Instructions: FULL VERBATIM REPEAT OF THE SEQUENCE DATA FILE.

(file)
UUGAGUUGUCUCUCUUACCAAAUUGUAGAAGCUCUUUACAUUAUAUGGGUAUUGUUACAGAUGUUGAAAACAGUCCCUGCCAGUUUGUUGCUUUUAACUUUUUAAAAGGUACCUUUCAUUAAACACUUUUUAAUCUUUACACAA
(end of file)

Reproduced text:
UUGAGUUGUCUCUCUUACCAAAUUGUAGAAGCUCUUUACAUUAUAUGGGUAUUGUUACAGAUGUUGAAAACAGUCCCUGCCAGUUUGUUGCUUUUAACUUUUUAAAAGGUACCUUUCAUUAAACACUUUUUAAUCUUUACACAA